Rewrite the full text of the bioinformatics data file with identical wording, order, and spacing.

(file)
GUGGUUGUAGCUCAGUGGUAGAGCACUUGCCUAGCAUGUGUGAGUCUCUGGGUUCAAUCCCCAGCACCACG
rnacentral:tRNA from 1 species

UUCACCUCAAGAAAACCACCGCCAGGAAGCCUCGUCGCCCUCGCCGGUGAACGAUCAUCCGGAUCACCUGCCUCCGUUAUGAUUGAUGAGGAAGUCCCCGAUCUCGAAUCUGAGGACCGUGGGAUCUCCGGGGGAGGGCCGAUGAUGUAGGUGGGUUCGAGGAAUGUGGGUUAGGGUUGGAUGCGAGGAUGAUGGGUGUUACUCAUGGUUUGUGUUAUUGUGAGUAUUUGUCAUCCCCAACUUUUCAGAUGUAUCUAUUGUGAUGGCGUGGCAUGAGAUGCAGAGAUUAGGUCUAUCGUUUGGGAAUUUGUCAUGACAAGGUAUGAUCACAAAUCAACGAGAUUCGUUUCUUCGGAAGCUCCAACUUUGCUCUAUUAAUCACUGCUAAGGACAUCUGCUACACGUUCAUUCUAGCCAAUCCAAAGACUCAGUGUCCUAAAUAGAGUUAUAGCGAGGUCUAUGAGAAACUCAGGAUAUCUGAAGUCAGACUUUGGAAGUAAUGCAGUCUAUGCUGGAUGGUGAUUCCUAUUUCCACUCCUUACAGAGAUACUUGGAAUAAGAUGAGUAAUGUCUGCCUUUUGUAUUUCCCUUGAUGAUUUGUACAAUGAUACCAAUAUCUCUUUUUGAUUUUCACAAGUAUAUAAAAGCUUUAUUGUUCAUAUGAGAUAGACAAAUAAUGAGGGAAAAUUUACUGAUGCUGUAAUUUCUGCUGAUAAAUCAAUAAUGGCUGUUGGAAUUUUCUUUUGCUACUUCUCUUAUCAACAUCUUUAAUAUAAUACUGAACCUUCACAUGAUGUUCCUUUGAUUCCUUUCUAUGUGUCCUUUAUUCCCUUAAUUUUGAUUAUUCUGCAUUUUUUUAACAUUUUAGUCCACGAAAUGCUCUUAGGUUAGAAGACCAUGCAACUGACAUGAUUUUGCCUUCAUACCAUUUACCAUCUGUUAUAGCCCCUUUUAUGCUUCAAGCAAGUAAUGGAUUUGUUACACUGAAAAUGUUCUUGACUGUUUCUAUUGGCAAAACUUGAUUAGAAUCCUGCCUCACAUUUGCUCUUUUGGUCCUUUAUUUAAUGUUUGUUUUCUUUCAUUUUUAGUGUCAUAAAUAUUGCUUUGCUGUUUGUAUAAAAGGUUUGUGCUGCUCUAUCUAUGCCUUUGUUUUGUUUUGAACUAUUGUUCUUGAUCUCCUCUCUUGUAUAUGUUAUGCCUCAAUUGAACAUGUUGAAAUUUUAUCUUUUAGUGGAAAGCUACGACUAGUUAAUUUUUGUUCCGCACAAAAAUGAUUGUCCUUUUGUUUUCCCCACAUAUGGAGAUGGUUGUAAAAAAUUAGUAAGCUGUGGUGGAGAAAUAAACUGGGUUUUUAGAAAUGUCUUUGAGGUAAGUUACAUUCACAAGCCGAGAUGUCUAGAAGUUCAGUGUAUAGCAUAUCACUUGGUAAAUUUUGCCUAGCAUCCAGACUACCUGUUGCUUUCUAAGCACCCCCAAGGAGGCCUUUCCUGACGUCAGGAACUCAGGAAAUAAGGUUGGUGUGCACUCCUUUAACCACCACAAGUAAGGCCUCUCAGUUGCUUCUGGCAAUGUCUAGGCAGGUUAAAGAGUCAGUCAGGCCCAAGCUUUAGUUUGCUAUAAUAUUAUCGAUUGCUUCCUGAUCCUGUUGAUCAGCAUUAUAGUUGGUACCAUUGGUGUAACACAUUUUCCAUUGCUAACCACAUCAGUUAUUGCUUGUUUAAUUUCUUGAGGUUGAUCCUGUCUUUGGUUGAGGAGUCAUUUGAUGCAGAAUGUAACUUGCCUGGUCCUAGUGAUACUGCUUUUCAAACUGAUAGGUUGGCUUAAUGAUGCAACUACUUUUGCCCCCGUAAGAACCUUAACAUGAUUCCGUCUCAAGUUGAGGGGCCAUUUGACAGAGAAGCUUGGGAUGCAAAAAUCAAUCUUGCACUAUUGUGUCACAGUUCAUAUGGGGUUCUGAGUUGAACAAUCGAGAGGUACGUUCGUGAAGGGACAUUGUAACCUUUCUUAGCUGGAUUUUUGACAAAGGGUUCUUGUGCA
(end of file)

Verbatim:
GUGGUUGUAGCUCAGUGGUAGAGCACUUGCCUAGCAUGUGUGAGUCUCUGGGUUCAAUCCCCAGCACCACG
rnacentral:tRNA from 1 species

UUCACCUCAAGAAAACCACCGCCAGGAAGCCUCGUCGCCCUCGCCGGUGAACGAUCAUCCGGAUCACCUGCCUCCGUUAUGAUUGAUGAGGAAGUCCCCGAUCUCGAAUCUGAGGACCGUGGGAUCUCCGGGGGAGGGCCGAUGAUGUAGGUGGGUUCGAGGAAUGUGGGUUAGGGUUGGAUGCGAGGAUGAUGGGUGUUACUCAUGGUUUGUGUUAUUGUGAGUAUUUGUCAUCCCCAACUUUUCAGAUGUAUCUAUUGUGAUGGCGUGGCAUGAGAUGCAGAGAUUAGGUCUAUCGUUUGGGAAUUUGUCAUGACAAGGUAUGAUCACAAAUCAACGAGAUUCGUUUCUUCGGAAGCUCCAACUUUGCUCUAUUAAUCACUGCUAAGGACAUCUGCUACACGUUCAUUCUAGCCAAUCCAAAGACUCAGUGUCCUAAAUAGAGUUAUAGCGAGGUCUAUGAGAAACUCAGGAUAUCUGAAGUCAGACUUUGGAAGUAAUGCAGUCUAUGCUGGAUGGUGAUUCCUAUUUCCACUCCUUACAGAGAUACUUGGAAUAAGAUGAGUAAUGUCUGCCUUUUGUAUUUCCCUUGAUGAUUUGUACAAUGAUACCAAUAUCUCUUUUUGAUUUUCACAAGUAUAUAAAAGCUUUAUUGUUCAUAUGAGAUAGACAAAUAAUGAGGGAAAAUUUACUGAUGCUGUAAUUUCUGCUGAUAAAUCAAUAAUGGCUGUUGGAAUUUUCUUUUGCUACUUCUCUUAUCAACAUCUUUAAUAUAAUACUGAACCUUCACAUGAUGUUCCUUUGAUUCCUUUCUAUGUGUCCUUUAUUCCCUUAAUUUUGAUUAUUCUGCAUUUUUUUAACAUUUUAGUCCACGAAAUGCUCUUAGGUUAGAAGACCAUGCAACUGACAUGAUUUUGCCUUCAUACCAUUUACCAUCUGUUAUAGCCCCUUUUAUGCUUCAAGCAAGUAAUGGAUUUGUUACACUGAAAAUGUUCUUGACUGUUUCUAUUGGCAAAACUUGAUUAGAAUCCUGCCUCACAUUUGCUCUUUUGGUCCUUUAUUUAAUGUUUGUUUUCUUUCAUUUUUAGUGUCAUAAAUAUUGCUUUGCUGUUUGUAUAAAAGGUUUGUGCUGCUCUAUCUAUGCCUUUGUUUUGUUUUGAACUAUUGUUCUUGAUCUCCUCUCUUGUAUAUGUUAUGCCUCAAUUGAACAUGUUGAAAUUUUAUCUUUUAGUGGAAAGCUACGACUAGUUAAUUUUUGUUCCGCACAAAAAUGAUUGUCCUUUUGUUUUCCCCACAUAUGGAGAUGGUUGUAAAAAAUUAGUAAGCUGUGGUGGAGAAAUAAACUGGGUUUUUAGAAAUGUCUUUGAGGUAAGUUACAUUCACAAGCCGAGAUGUCUAGAAGUUCAGUGUAUAGCAUAUCACUUGGUAAAUUUUGCCUAGCAUCCAGACUACCUGUUGCUUUCUAAGCACCCCCAAGGAGGCCUUUCCUGACGUCAGGAACUCAGGAAAUAAGGUUGGUGUGCACUCCUUUAACCACCACAAGUAAGGCCUCUCAGUUGCUUCUGGCAAUGUCUAGGCAGGUUAAAGAGUCAGUCAGGCCCAAGCUUUAGUUUGCUAUAAUAUUAUCGAUUGCUUCCUGAUCCUGUUGAUCAGCAUUAUAGUUGGUACCAUUGGUGUAACACAUUUUCCAUUGCUAACCACAUCAGUUAUUGCUUGUUUAAUUUCUUGAGGUUGAUCCUGUCUUUGGUUGAGGAGUCAUUUGAUGCAGAAUGUAACUUGCCUGGUCCUAGUGAUACUGCUUUUCAAACUGAUAGGUUGGCUUAAUGAUGCAACUACUUUUGCCCCCGUAAGAACCUUAACAUGAUUCCGUCUCAAGUUGAGGGGCCAUUUGACAGAGAAGCUUGGGAUGCAAAAAUCAAUCUUGCACUAUUGUGUCACAGUUCAUAUGGGGUUCUGAGUUGAACAAUCGAGAGGUACGUUCGUGAAGGGACAUUGUAACCUUUCUUAGCUGGAUUUUUGACAAAGGGUUCUUGUGCA